THE Scottish Currency Group (SCG) was created as a Facebook group in May 2019 by Dr Tim Rideout. It came shortly after he had succeeded in getting an amendment passed at the SNP conference committing the party to the establishment of a currency “as soon as practicable” after independence, as opposed to the Growth Commission proposal to use sterling for a decade or more. From a slow start over the first year or so, in the last six months the group membership has grown from about 500 to more than 2500 now.

Over recent months there have been a series of lively, and sometimes heated, debates about the importance of Scotland having its own currency and what this means for the funding of public services and for building a post-independence economy.

Many things can and do go wrong in life. The SCG is as aware of that as anyone. However, if some things do not turn out as we had planned, that will not be because we chose independence but because we chose the wrong way to go about it.

What will be most important here is how we manage our mistakes and any crises that occur which are out of our control (such as a pandemic). Choices will have to be made and sometimes mistakes will be made.

We have to make the right decisions if we are to achieve our aims for a fairer, more prosperous, productive and environmentally sustainable economy and society.

If we keep mistakes to a minimum and learn fast when we do make them, we can build an economy that serves the needs of people rather than the other way round.

The SCG’s position is that the right choices, in order to achieve these aims are as follows.

Firstly, to establish our own currency and a central bank without delay after independence, with preparations being made during any transition period. The name “Scottish Reserve Bank” is proposed for our central bank and further information can be found at

The longer we leave introducing our currency, the longer will be our dependence on others and we will be without the controls we need to make Scotland a vibrant ecologically sustainable country.

THE SNP’s 2018 Growth Commission has been rendered obsolete by later events and it is clear that what we need is to rebuild a post-Covid Green New Deal economy. Scotland can be the renewable energy centre of Europe.

Currency is the collective power of the people, which is why state funds (before Thatcher) were always referred to as the “public purse”. It is our money because it is our government that creates it. There is no such thing as “taxpayers’ money”.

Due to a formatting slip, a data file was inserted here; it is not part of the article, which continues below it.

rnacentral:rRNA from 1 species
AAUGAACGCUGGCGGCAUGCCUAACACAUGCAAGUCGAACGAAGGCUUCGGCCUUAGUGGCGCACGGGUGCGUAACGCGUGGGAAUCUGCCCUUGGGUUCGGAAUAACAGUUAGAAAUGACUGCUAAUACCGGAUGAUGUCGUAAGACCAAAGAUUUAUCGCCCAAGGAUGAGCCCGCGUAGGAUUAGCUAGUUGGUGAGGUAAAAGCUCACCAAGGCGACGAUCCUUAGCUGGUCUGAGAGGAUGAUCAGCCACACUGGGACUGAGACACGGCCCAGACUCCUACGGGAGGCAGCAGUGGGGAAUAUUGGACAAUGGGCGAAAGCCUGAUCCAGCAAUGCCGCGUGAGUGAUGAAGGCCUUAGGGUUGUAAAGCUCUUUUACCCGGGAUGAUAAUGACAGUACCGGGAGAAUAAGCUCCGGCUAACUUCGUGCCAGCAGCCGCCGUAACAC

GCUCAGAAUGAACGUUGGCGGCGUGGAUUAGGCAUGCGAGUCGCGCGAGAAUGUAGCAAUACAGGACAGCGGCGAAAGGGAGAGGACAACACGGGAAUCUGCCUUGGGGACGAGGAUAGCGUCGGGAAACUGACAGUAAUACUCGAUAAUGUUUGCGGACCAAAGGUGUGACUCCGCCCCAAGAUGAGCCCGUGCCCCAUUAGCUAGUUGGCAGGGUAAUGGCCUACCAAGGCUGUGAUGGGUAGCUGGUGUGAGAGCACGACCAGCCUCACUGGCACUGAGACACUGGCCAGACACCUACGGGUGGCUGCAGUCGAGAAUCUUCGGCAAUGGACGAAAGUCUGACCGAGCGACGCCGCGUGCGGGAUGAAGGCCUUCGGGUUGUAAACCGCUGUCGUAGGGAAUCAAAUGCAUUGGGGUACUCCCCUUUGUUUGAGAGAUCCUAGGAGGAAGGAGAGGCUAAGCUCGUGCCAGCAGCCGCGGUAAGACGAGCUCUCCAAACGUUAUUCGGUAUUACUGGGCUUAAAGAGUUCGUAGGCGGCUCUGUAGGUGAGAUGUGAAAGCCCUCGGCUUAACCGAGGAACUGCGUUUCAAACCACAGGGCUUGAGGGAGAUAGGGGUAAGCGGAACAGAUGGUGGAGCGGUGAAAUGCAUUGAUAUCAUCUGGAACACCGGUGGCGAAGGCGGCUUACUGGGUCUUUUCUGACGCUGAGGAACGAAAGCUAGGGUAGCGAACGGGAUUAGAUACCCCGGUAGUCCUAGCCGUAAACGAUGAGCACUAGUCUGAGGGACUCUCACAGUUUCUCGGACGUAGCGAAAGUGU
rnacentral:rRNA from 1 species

What we need is a vision of the collective investment necessary to establish the full Scottish Government, whether that is 800 jobs in Dumfries in the Ministry of Agriculture, or 300 in Stornoway in the Coastguard HQ.

Secondly, we must create a new framework for banking and financial regulations to ensure that Scottish money serves the needs of Scotland and that banks which are based in Scotland play a role assisting our government in providing the finance needed for the economy to deliver for our people.

The SCG has two working groups. The first is drawing up detailed designs and technical specifications for the Scottish Reserve Bank. The second, under Dr Robbie Mochrie from Heriot-Watt University, is looking at the regulation required of the non-bank financial sector. That is pension funds, trust, financial advisers and the like. We aim to restore centuries-old Scottish traditions of prudence, honesty and working in the genuine best interests of the client.

The SCG also supports the work being done elsewhere to draw up a written constitution for Scotland. It is important that the Scottish Reserve Bank is accountable to our Parliament and that there is a clear legal framework for democratic accountability to the people of Scotland.

If these initial steps are taken then Scotland can set out to adopt further measures which will be needed to build a fairer, more prosperous, productive, and environmentally sustainable economy and society. We will have started out on the longer journey in the right direction.

In our next articles in The National we will turn our attention to some of the issues for the transition and the post-independence economy and discuss the things we can do once we have our own currency.